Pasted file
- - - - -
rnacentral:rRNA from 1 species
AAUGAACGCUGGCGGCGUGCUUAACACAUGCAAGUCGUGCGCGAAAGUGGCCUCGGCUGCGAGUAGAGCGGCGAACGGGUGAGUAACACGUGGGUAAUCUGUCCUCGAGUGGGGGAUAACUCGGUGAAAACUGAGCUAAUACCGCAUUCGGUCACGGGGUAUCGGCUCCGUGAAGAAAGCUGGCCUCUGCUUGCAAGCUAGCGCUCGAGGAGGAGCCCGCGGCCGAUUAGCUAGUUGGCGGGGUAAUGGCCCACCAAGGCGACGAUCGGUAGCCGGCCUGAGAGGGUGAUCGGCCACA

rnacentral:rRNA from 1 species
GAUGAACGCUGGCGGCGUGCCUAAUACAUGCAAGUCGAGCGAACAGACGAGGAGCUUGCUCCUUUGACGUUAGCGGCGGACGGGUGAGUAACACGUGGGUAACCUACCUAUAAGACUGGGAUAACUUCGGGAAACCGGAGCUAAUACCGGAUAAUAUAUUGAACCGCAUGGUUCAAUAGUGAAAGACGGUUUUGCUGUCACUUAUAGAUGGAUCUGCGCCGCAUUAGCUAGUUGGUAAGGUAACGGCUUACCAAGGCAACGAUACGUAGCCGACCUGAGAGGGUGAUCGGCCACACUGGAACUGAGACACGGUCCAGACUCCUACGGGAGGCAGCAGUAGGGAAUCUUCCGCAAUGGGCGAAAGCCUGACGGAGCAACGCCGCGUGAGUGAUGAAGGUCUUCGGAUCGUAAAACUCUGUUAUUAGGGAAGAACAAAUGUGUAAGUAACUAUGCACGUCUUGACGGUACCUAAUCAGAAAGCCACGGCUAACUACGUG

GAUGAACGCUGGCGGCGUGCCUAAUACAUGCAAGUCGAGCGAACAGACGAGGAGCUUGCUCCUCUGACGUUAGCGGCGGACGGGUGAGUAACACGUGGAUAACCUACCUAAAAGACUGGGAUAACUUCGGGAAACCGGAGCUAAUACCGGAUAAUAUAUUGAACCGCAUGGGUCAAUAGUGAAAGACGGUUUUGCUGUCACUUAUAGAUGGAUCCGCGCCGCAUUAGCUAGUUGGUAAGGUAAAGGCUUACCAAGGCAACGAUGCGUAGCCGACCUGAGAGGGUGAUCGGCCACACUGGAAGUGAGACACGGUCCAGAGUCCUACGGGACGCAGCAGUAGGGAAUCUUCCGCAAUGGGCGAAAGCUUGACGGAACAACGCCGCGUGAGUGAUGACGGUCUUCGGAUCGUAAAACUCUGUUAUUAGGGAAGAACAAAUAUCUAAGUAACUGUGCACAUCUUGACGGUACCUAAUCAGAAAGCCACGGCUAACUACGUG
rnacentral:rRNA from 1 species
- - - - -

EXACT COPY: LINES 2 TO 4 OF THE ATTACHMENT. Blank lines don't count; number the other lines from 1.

AAUGAACGCUGGCGGCGUGCUUAACACAUGCAAGUCGUGCGCGAAAGUGGCCUCGGCUGCGAGUAGAGCGGCGAACGGGUGAGUAACACGUGGGUAAUCUGUCCUCGAGUGGGGGAUAACUCGGUGAAAACUGAGCUAAUACCGCAUUCGGUCACGGGGUAUCGGCUCCGUGAAGAAAGCUGGCCUCUGCUUGCAAGCUAGCGCUCGAGGAGGAGCCCGCGGCCGAUUAGCUAGUUGGCGGGGUAAUGGCCCACCAAGGCGACGAUCGGUAGCCGGCCUGAGAGGGUGAUCGGCCACA

rnacentral:rRNA from 1 species
GAUGAACGCUGGCGGCGUGCCUAAUACAUGCAAGUCGAGCGAACAGACGAGGAGCUUGCUCCUUUGACGUUAGCGGCGGACGGGUGAGUAACACGUGGGUAACCUACCUAUAAGACUGGGAUAACUUCGGGAAACCGGAGCUAAUACCGGAUAAUAUAUUGAACCGCAUGGUUCAAUAGUGAAAGACGGUUUUGCUGUCACUUAUAGAUGGAUCUGCGCCGCAUUAGCUAGUUGGUAAGGUAACGGCUUACCAAGGCAACGAUACGUAGCCGACCUGAGAGGGUGAUCGGCCACACUGGAACUGAGACACGGUCCAGACUCCUACGGGAGGCAGCAGUAGGGAAUCUUCCGCAAUGGGCGAAAGCCUGACGGAGCAACGCCGCGUGAGUGAUGAAGGUCUUCGGAUCGUAAAACUCUGUUAUUAGGGAAGAACAAAUGUGUAAGUAACUAUGCACGUCUUGACGGUACCUAAUCAGAAAGCCACGGCUAACUACGUG